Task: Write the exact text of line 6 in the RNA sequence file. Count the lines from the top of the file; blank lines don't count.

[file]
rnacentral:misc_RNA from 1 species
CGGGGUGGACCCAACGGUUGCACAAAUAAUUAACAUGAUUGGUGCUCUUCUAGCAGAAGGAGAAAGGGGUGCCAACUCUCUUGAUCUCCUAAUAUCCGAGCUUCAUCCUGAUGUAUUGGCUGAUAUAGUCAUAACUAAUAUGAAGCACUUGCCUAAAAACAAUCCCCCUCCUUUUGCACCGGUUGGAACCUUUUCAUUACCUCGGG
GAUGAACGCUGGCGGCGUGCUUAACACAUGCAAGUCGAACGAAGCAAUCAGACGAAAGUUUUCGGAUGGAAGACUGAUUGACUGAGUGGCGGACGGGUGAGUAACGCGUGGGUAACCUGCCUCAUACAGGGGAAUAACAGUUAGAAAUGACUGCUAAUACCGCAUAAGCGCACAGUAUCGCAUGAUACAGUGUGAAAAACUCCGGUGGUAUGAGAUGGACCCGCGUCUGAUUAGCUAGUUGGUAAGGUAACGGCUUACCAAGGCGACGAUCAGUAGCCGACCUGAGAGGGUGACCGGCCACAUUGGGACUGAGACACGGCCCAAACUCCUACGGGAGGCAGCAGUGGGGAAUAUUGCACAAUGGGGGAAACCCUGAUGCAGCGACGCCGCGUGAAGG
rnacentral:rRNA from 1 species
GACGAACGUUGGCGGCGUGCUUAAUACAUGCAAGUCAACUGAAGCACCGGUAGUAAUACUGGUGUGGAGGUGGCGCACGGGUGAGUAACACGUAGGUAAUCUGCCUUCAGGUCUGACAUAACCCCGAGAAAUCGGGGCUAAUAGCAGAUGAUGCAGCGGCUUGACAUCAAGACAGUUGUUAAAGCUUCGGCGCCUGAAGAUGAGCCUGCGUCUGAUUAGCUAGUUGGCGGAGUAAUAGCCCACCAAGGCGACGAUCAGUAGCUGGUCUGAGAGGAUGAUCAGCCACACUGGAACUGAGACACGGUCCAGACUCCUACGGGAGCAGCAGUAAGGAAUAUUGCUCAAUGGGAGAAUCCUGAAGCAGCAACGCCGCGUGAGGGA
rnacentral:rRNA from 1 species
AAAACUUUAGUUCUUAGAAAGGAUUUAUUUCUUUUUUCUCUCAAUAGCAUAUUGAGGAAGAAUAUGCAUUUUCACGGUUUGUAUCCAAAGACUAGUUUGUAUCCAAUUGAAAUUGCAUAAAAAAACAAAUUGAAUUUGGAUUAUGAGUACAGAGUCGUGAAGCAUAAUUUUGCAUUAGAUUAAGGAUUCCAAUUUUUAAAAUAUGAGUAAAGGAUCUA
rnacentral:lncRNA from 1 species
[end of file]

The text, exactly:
rnacentral:rRNA from 1 species